get some sleep tonight."
Helen slipped in as cautiously as she
could, and in a few minutes Warren
was asleep and breathing heavily.
"Thunderation!"
Helen was instantly awake. Warren
was sitting up in bed savagely rubbing
his arm.
"Why why, dear what's the mat
ter?" "Matter?" he growled." Those in
fernal mosquitoes are in here as bad
as ever."
"Oh oh, the net must hive slipped.
Wait, dear I'll see." She slid out of
bed and turned on the light.
Warren was sitting up under the
green netting, scratching the back of
his neck as he blinked at the sudden
light.
For a moment Helen turned away
to hide a smile. Almost anyone looks
rather foolish under a mosquito net,
but Warren with his big night-robed
body, rumpled hair and ansry, blink
ing eyes, seemed like a surly lion
aroused from its sleep by a disturbing
ilea.
"Oh, yes, it has slipped here from
over this railing. We must have done
that getting in. Wait. I'll pin it
back."'
Warren blinked at her sulkily. His
attention was now divided between a
place on his arm and the one on the
back of his neck.
"Oh. dear. I'll get you the camphor
bottle."
She brought him the camphor and
h applied it with all the seriousness
of one treating a dangerous wound.
Once more Helen turned out the
light and crept into bed. Hut she was
hardly asleep before she was again
awakened.
This time his language was more
vigorous than before. Again she
slipped out and turned on tho lights.
Now the net was pulled up from the
foot. It had also dropped down in
the center, and as Warren sat up.
glaring out angrily, it rested against
his had and shoulders.
"Sh don't, dear. Wait just a min
ute I'll fix it."
"Well, take it out of mv face then.
I don't want this infernal stuff against
me."
Helen drew it down tightly, raising
the ret from his face.
"There! Now. listen. dar; you lie
down and let me pin all iround you
tight. And then I'll not get in that's
what pulls it up. I'll He over here
on the couch."
Warren made some faint protest
about her having no net.
"Oh, the mosquitoes won't bother
me much. I'll sprinkle some on the
pillow. That'll help keep them away.
And you know I'm not nearly so sen
sitive to them as you are."
"Bit there's some in here now and
we've got to get these out before you
.
pm tne net uown.
And here followed ten
which Warren searched
and all Inside the ret.
But Helen was now too tired and
picture of Warren on hi knees under I
that ?reen netting, searching with the
utmost gravity and some profanity,
for ai illusive mosquito or so.
"George!" with a vigoro js slap. "I
got that one."
Th?n h lay down while Helen pin
ned the netting closely all around.
minutees in
the covers
The January Clean-Up
Sale of Ladies' and Miss
es' Fine New Winter Coats
Continues.
Let us emphasize the fact that these Coats are NEW.
They are not a picked-over, left-over lot. They are all
riht, in quality through and" through, aihl the prices af
ford honalide savings stripped of all exaggerations and
erroneous values.
$ 5.00 for Si 2.50 and Si 5. on Coats.
$ 9.9S for 520.00 and S22.50 Coats.
$12.98 for $25.00 and 530.00 Coats.
$19.98 for S35.00 and 540.00 Coats.
7 JSH
ww W
n
Corner Michigan & Jefferson.
G
0
NV
e--"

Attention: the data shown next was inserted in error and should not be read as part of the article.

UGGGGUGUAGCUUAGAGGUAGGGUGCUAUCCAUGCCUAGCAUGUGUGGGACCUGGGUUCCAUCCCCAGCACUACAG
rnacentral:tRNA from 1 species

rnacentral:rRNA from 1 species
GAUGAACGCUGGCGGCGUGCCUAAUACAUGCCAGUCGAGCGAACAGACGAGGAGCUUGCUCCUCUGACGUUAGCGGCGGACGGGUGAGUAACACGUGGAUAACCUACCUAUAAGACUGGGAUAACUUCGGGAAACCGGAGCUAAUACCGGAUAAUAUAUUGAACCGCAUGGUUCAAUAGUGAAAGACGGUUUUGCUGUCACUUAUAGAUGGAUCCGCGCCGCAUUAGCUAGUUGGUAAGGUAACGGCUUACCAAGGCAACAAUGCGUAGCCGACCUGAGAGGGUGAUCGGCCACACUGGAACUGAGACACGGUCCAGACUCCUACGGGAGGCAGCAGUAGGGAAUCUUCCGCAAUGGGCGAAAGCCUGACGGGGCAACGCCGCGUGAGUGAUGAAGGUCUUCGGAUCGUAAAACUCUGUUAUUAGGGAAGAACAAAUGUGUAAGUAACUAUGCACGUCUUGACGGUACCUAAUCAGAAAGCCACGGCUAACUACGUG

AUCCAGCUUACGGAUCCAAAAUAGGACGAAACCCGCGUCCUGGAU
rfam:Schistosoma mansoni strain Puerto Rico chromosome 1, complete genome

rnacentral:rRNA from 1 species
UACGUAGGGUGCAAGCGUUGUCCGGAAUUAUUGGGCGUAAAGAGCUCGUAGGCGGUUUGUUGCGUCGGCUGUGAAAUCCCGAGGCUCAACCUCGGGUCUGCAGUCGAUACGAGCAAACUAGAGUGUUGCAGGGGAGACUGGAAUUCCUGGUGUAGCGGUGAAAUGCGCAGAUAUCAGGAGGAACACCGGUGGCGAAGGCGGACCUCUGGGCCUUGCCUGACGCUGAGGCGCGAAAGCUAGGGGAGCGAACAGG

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Why not have a light and happy new
year?
With Electricity in your house you
are sure to have a bright and cheerful
home.
Then think of the convenience and
happiness your whole family would de
rive from the use of Electrical appli
ances, such as a toaster, percolator,
chafing dish, griddle, flat iron, washing
and sewing machine, motor, fan,
vacuum cleaner, azonator, radiators,
vibrator or heating pad.
These comforts make a modern and
happy home.
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Indiana & Michigan
electric tompany
220-222 WEST COLFAX AVE.
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"liaise it up uon't let it lrp ilo'vn
on my face."
Xhe drew it more tightly, an-1 at
last it was all securely pinnt'-l. Th.-n
once more she turned 'out the lights
and lay down on thf- couch, sprinkling
some camprior about her.
And Warren, now undisturbed by
mosquitoes, slept soundly and noisily
through the night.
fnr. Real Estate Purchaser
You have heard of frauds
and forgeries in real estate
deals. Just now there is much
talk about losses on account
of the practices of a certain
real estate dealer who recently
filed a petition in bankruptcy,
showing losses to creditors of
nearly SI 50,000.00.
Had these parties required
abstracts or title insurance pol
icies showing perfect titles
much of this loss would not
have occurred. Let us show
you how to avoid such losses
in the future.
INDIANA TITLE AND LOAN
COMPANY
Title Bldg. Main and Center
Sts.
taki: rK r.x.M.
John Robert and Fr.'.r.r.-; S.
Wright, '."th of S.-itb H.'iid, :..k :!?
("tinty r xarnir.ations 'i
IIob'Tts Mudi'-d at Yalparai-" an.: t'."
r:ii-;M:v or Michigan. Wright t be
Indiana Iiv .-"ho,,! ; r:d i-; rn v. bi tne
("Ac, -,f Attv. r. Fergus.
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LLER
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BUILD IN
IS SA FE
The committee anr clntcd
by Mayor Fred W. Keller to
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h investigate the conditions of 1
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the buildings on each side of
the collsnsed structure at
110-112 Scuth Michigan st. i
nacht, Henry S. Chrislmnn.
Geo. W. Freycrmuth Will- ;
iam S. Moore and E. V. j
Young. i
THEY PRONOUNCED THE i
HELLER BUILDING SAFE, i